To what is the speaker referring when he states that his horse "must think it's queer"?

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jpn001 eNotes educator| Certified Educator

In the line, “My little horse must think it queer,” the speaker in “Stopping by Woods on a Snowy Evening” seems to be trying to put himself into his little horse’s position. From what the speaker says, the reader may gather that the speaker and his horse are traveling a known path, and that the horse is not accustomed to stopping when they are not at someone’s dwelling. Thus, the speaker believes that it must feel strange to the horse to be stopping when and where they normally would not do so.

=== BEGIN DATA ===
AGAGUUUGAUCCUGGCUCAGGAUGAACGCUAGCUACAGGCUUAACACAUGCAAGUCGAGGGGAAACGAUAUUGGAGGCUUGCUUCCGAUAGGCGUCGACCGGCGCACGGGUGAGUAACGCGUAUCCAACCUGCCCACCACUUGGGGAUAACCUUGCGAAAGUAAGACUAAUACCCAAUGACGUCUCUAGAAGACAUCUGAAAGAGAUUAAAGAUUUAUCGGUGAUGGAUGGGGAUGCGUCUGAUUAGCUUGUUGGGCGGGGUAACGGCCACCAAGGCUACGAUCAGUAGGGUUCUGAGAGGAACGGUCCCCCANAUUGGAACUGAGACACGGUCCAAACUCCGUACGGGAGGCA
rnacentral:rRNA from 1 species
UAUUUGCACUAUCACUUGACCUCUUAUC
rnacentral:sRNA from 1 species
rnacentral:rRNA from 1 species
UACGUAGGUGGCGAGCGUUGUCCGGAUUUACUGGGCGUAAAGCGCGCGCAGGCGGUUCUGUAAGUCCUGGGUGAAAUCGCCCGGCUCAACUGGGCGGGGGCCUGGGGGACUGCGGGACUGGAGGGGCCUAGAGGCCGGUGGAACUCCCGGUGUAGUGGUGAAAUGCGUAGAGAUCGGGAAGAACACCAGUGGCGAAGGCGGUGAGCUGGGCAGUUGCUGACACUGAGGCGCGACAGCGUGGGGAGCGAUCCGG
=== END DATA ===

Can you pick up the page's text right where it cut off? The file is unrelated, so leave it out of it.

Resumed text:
On a more symbolic level, the speaker may be expressing his own feelings regarding the strangeness of the situation and projecting them onto his little horse. The speaker himself may not be accustomed to stopping and reflecting, especially with respect to the serious contemplation of life and death for which the “lovely, dark and deep” woods may stand. In this way, the use of the word “queer” may reflect the peculiar nature of the situation for the speaker rather than that it is merely an unusual situation for the horse.

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Stopping by Woods on a Snowy Evening

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